Fear By Numbers

The 21st century, for better or worse, is awash in information
— we know more about ourselves through charts and graphs now than
at any other point in history. Population numbers, health
statistics, human migration patterns — the numbers seem to
proliferate faster than the populations they describe. The numbers
boom, in turn, has fueled an explosion of predictions that project
us far into the future — to the end of time, even. And while the
figures may be consistently right, the predictions, so far, have
been anything but.

In fact, if history is a worthy guide, such predictions have had
less to do with hard numbers than they have had to do with a
predilection for apocalyptical visions. If the dire prophesies
issued forth from any number of political camps had proved true,
writes Nicholas Eberstadt for
The Wilson Quarterly, ‘the 20th century
should never have occurred at all.’ Yet these nightmare
scenarios persist. Either there will be too many people, and the
world will plunge into scarcity-driven anarchy, or there will be
too few, and the ageing masses will demand ever more from a
shrinking labor force. From the Carter Administration’s
Global 2000 study and Al Gore’s Earth in the
, to the Club of Rome’s The Limits to
, Eberstadt blasts the dire predictions — from
liberal groups and individuals — that contain sensationalized
visions of disaster as motivation for socially and
environmentally progressive change.

Phillip Longman’s vision of demographic trends, on the other
hand, takes us in the opposite social direction. In
The Return of Patriarchy‘, originally
published in Foreign Policy, Longman starts with the
axiomatic assertion that population equals power, suggesting
that the West, and Liberal Democracy with it, could vanish into
the night because of its declining birthrate. As liberals
basically liberate themselves out of existence, patriarchal
sectors of societies will take hold. Feminism, by his reasoning,
is evolutionarily inferior to patriarchy. It’s simply a numbers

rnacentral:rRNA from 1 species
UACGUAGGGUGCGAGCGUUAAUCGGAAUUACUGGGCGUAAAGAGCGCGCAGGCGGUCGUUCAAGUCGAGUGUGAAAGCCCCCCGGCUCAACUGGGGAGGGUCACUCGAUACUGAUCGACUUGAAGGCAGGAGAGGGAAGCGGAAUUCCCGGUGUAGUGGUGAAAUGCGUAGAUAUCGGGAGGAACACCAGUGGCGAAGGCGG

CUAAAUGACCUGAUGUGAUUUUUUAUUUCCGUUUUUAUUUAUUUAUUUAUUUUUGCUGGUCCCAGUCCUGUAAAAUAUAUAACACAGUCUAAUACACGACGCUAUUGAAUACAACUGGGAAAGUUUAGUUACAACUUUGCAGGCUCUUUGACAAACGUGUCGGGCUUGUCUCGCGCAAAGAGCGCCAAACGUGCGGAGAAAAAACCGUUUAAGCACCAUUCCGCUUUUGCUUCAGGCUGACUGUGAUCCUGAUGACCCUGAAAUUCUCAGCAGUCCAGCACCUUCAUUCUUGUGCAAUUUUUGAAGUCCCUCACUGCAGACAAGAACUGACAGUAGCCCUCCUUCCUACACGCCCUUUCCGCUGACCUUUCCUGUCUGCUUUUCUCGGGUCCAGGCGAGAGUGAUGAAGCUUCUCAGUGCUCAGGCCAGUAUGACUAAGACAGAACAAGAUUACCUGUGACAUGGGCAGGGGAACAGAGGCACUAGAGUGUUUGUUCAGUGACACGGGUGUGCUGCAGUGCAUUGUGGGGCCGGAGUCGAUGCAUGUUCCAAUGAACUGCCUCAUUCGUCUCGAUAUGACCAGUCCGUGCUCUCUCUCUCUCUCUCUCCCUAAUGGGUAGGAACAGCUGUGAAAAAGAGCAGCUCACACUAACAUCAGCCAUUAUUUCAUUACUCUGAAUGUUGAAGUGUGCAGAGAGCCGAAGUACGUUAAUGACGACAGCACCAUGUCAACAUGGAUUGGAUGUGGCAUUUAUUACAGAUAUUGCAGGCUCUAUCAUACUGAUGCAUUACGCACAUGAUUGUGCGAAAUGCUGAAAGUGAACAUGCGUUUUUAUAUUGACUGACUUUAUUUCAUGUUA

game, after all.

Longman, like so many before him, achieved the movement from
statistical analysis to cultural diagnosis in just a few pages.
Indeed, the link between demographic analysis and political
discourse cannot be denied, suggest Michael S. Teitelbaum and Jay
Winter in
their response to a similar, earlier piece
by Longman, published in Foreign Affairs. When a
political or economic power’s dogmatic certainty begins to
waver, they suggest, ‘many thinkers turn to demography for an
explanation of its plight.’

Along with Longman, another such thinker is Stanley Kurtz, who
called for the restoration of ‘traditional’ values in his 2005
article ‘Demographics and the Culture War‘, published in
Policy Review. Faced with declining birth rates, Kurtz
asserted, we have three choices: ‘at least a partial restoration of
social values, a radical new eugenics, or endless and compounding
population decline.’ A grim scenario, indeed. Apparently, dystopia
and social collapse lurk just around the corner unless we adopt
more ‘social values,’ the antithesis of which Kurtz describes as
‘[s]ecularism, individualism, and feminism.’ In Kurtz’s view, then,
this trio of terror (maybe a new ‘axis of evil’?) is bringing the
decline of civilization and must be reversed if culture as we know
it is going to survive.

As Tietelbaum and Winter point out, ‘[w]e simply do not know
enough to make daring claims such as Longman’s,’ which they accuse
of being ‘based on unproved or unprovable assertions.’ Such claims,
Eberstadt says, ‘have always at heart been a guessing game.’ Yet
these ‘dramatic and unproved visions of the future’ persist, and so
must be met with healthy skepticism especially when those visions
are deployed in the service of overtly political agendas.

Go there >>
Doom and Demography

Go there too >>
Demography is Not Destiny

Related Links:
Demographic Fear-Mongering and the Return of

Alarmist Demography Stalks Women Over 60
It’s The Demography, Stupid

Related Links from the Utne Archive

Sociology on the Skids

Flirting with Disaster

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